Journal of clinical periodontology vol:26 issue:5 pages:322-7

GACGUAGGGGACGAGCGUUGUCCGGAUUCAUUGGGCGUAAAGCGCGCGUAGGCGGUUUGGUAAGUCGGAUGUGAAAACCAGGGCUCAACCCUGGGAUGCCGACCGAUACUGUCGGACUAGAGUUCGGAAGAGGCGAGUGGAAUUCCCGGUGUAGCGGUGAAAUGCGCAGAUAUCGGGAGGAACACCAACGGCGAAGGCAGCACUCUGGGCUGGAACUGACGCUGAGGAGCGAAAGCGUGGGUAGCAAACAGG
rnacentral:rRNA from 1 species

Several publications have reported an increased susceptibility for root caries after periodontal therapy. It has been suggested that newly exposed roots were less resistant to cariogenic species. This study examined the hypothesis that the increased susceptibility could also be related to an intra-oral microbial shift during the initial phase of the periodontal therapy from a perio-pathogenic to a more cariogenic flora. 10 patients with severe periodontitis were followed for 8 months after thorough scaling and root planing in combination with optimal plaque control. At baseline and after 4 and 8 months, samples were taken from the saliva, the tongue dorsum and the supragingival interdental spaces. These samples were cultured both aerobically and anaerobically in order to determine the total number of colony forming units (CFU) per sample as well as the number of CFU of Streptococcus mutans and Lactobacillus species. Oral hygiene parameters were recorded at the same visits. Finally, at baseline and at the 8 months follow-up, changes in caries activity and periodontal health were registered. Although the total number of aerobic and anaerobic CFU in samples from the tongue and the saliva remained nearly constant over the entire observation period (variations within 0.5 log), significant (p< or =0.05) increases in the number of S. mutans could be detected, especially at month 8. The significant decrease in the total number of anaerobic CFU in samples from the teeth was not associated with a reduction in the number of S. mutans, so that also for this niche the relative proportion of the latter increased. The number of lactobacilli species for the different niches showed only negligible changes (within 0.5 log values), except for samples from the teeth for which a small (1 log), but statistically significant (p<0.01), reduction could be detected. The periodontal conditions improved for all patients, but the caries activity could not be arrested. These findings seem to indicate that the increased caries susceptibility after periodontal therapy might partially be explained by a significant increase in the number of S. mutans due to ecological changes within the oral cavity. The clinical consequence of this observation would be to advocate a more strict caries preventive program during initial periodontal therapy.